“If the department has so comprehensively, so frequently and so predictably failed to manage its responsibilities, are departmental officials, or the department itself, represented by its senior executives, therefore subject to legal action for misfeasance¹? And might mandamus² be sought against the Department because of the department’s incompetence? If the Ombudsman has determined that Nguyen’s detention was “wrongful” then shouldn’t Nguyen, rather than being offered some insultingly token compensation by the department, be awarded punitive damages by a court?”
You gave a speech in 2007, Bob, in which you said,
… on our website, the department currently lists ‘seven important things you should do as soon as possible after arriving in Australia’:
1. Apply for a Tax File Number (TFN)
2. Register with Medicare
3. Open a bank account
4. Register with Centrelink
5. Register for English Classes
6. Enrol Your Children in School
7. Apply for a Driver’s Licence
You should have added:
8. Apply for release from Villawood.
Hey Bob! Why don’t you resign?
¹ When a party fails to perform at all, it is nonfeasance. When a party performs the duty inadequately or poorly, it is misfeasance. …The terms misfeasance and nonfeasance are most often used…with reference to the discharge of…statutory obligations; and it is an established rule that an action lies in favour of persons injured by misfeasance, i.e. by negligence in discharge of the duty…The courts can find evidence of carelessness in the discharge of public duties and on that basis award damages to individuals who have suffered thereby.
² “Mandamus is provided for by Section 75(v) of the Australian Constitution. The duty sought to be enforced must have two qualities: It must be a duty of public nature and the duty must be imperative and should not be discretionary.”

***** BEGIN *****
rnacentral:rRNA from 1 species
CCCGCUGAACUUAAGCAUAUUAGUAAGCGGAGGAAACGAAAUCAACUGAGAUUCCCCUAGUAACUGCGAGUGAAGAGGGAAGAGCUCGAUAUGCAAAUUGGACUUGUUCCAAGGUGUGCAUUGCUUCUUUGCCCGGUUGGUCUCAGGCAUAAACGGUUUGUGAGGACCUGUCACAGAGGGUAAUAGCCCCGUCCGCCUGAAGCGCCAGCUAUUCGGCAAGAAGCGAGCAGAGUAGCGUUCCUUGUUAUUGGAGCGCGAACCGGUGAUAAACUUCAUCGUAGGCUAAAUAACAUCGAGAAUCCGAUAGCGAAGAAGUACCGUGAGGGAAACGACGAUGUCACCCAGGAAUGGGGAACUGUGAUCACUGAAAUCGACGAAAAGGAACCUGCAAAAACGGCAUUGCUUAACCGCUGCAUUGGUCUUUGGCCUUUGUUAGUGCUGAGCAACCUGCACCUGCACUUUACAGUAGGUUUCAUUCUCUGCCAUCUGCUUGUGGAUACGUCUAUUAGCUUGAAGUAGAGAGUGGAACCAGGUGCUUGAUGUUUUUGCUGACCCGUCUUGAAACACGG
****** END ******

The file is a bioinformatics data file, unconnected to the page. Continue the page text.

[tags]Bob Correll, Andrew Metcalf, DIC, DIAC, Immigration, Immigration Department, detention, immigration detention, Cornelia Rau, Nguyen, misfeasance, nonfeasance, mandamus, legal, law, Villawood, visa, residency, permanent resident, Australian Constitution, Australian Citizenship, values, Australian values, Australian politics, politics, government, politics and government, government and politics, bureaucracy, public service, political values, Australian political values, Australian legal values, ethics, morals, standards, principles, costs, worth, compensation, damages[/tags]
Posted: 4 October, 2009 in Aussie Citizenship, Australian Politics, Australian Values, Immigration, legal, politics and government.
Tags: Australian Citizenship, Australian Constitution, Australian legal values, Australian political values, Australian Politics, Australian Values, Bob Correll, bureaucracy, compensation, Cornelia Rau, costs, damages, detention, DIAC, DIC, ethics, government, government and politics, Immigration, Immigration Department, immigration detention, law, legal, mandamus, misfeasance, morals, Nguyen, nonfeasance, permanent resident, political values, politics, politics and government, principles, public service, residency, standards, values, Villawood, visa, worth, wrongful detention